These are also the terms you want to highlight on your own LinkedIn profile, résumé, and any other social media properties that you’re using to build your professional profile. A good way to test this is to enter your own LinkedIn profile or résumé text into Wordle too and see what terms are most prominent and how they match up – if they don’t, might be worth reviewing your wording to see if you can update to match the relevant terms.
4. Look at the types of people they’ve already employed
LinkedIn gives you access to such a huge amount of data in this regard, more than most people might realise or even consider.
A recent discussion noted that as data depth on LinkedIn continues to grow, there may come a time where we’ll have a system that can accurately suggest a person’s ideal career path, based on their attributes and interests. That’s how much data LinkedIn has access to – the suggestion of assigning roles most likely to provide each individual with optimum job satisfaction, based on their interests and attributes, is no longer some crazy scheme confined to the realms of science fiction.
For the purposes of job search, one way to use LinkedIn’s data is to search for employees of the company you’re hoping to join. Using the advanced search functions, you can narrow down your search to job title and location.
From this, you can get a full overview of all the people you’d likely be working with, their career experience, their interests, etc. This info can give you great insight to the people the company employs and where you might fit (you may or may not want to switch your LinkedIn settings so you don’t show up as viewing all these people’s profiles, up to you on that front). It’s also advantageous if you know who’s going be conducting your job interview – checking out their LinkedIn and other social media properties can give you a sense of who they are, what they’re interested in, and how you can connect.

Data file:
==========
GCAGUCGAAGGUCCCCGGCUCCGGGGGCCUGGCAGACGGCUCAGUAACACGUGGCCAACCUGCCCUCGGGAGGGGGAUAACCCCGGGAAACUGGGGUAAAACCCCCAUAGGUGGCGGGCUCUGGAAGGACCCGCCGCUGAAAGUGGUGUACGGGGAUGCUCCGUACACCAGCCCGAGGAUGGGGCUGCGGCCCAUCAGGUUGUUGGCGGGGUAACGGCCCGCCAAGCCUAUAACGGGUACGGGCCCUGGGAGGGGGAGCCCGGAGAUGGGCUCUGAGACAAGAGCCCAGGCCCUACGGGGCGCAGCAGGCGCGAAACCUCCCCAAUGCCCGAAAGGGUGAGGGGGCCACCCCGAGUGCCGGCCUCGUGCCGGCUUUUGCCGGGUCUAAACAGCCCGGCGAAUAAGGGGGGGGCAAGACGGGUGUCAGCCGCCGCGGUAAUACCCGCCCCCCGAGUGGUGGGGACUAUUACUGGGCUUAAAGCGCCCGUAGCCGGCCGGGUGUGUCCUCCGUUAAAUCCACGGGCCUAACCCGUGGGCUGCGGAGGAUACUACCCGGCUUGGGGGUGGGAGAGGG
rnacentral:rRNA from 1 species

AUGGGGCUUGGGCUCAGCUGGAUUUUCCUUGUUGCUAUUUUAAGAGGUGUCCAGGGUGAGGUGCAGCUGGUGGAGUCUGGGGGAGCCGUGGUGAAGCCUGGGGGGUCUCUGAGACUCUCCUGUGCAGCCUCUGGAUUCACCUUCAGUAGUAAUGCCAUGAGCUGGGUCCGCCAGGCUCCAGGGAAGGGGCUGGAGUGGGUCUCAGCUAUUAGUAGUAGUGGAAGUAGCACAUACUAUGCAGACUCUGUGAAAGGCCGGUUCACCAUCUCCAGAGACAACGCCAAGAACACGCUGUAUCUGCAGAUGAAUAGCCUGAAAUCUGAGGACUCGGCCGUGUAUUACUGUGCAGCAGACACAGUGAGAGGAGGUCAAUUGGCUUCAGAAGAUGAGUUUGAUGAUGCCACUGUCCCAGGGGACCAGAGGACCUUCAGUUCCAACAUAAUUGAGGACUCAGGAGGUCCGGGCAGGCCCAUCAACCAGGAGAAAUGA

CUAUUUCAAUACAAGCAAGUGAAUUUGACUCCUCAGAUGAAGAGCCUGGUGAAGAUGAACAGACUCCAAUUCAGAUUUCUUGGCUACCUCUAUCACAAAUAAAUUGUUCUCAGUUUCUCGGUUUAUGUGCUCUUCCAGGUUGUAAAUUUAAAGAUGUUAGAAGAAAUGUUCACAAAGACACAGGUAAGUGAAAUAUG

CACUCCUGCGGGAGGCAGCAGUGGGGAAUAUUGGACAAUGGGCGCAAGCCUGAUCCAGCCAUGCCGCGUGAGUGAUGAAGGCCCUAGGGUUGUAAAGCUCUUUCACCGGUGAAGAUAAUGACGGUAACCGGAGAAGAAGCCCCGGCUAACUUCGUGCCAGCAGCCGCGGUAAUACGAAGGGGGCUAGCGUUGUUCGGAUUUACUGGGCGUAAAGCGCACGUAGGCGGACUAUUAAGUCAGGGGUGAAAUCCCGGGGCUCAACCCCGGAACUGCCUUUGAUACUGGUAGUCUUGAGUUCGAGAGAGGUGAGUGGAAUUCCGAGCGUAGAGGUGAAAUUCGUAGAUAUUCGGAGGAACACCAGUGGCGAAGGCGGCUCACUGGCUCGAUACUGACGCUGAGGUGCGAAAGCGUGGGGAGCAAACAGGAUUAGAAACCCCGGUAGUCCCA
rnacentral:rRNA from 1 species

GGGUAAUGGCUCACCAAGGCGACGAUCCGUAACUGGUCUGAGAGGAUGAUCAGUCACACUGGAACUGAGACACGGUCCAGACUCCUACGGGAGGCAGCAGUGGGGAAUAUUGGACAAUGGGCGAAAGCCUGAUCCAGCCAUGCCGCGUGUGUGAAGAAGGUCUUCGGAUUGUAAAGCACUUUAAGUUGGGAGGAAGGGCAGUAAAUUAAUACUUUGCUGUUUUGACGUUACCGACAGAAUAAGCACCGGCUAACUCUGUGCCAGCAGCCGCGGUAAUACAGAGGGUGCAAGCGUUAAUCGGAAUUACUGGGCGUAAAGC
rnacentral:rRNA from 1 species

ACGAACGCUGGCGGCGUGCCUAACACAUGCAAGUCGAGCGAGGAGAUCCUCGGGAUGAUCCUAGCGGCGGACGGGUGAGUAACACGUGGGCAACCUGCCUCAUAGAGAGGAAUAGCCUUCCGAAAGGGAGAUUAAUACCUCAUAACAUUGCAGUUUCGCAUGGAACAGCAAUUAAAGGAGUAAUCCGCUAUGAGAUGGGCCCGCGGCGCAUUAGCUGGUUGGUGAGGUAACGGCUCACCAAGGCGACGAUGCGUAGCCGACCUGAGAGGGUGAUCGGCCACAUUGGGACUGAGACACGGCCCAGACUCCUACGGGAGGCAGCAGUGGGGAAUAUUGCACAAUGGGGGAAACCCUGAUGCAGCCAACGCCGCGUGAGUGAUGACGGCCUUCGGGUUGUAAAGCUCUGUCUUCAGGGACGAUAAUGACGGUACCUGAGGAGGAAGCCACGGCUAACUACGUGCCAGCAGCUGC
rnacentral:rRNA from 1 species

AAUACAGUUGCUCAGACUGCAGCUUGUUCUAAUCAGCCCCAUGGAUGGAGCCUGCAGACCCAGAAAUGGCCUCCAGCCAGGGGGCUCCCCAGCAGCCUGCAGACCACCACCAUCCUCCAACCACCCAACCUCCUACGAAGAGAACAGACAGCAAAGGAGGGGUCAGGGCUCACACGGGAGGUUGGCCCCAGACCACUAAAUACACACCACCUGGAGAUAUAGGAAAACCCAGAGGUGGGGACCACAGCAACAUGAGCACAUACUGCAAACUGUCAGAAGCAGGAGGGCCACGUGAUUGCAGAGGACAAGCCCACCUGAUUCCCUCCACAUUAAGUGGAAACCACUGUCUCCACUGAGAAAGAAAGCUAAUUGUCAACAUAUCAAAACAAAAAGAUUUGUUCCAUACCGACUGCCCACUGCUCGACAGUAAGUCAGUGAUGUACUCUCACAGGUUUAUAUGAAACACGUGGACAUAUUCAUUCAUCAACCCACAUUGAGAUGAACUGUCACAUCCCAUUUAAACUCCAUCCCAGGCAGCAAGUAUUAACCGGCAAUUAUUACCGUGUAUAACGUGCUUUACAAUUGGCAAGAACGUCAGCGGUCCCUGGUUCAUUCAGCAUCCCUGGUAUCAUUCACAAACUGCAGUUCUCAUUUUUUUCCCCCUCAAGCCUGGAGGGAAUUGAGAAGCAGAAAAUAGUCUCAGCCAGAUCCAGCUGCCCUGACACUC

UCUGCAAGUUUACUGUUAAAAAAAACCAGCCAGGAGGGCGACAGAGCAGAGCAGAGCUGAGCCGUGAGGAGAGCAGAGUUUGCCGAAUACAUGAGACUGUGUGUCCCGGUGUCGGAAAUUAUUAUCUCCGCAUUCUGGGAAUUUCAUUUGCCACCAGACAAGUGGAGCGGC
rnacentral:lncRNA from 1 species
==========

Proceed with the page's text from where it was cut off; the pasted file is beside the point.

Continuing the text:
I read a post recently on LinkedIn where the author, Bronwyn Cook, switched telco providers based, in part, on her new provider paying attention to her Twitter bio, in which she professed her love for Bon Jovi. The new provider noted this and used it as a theme in their initial interactions, opening the door for further discussion and, subsequently, gaining them gaining a new client.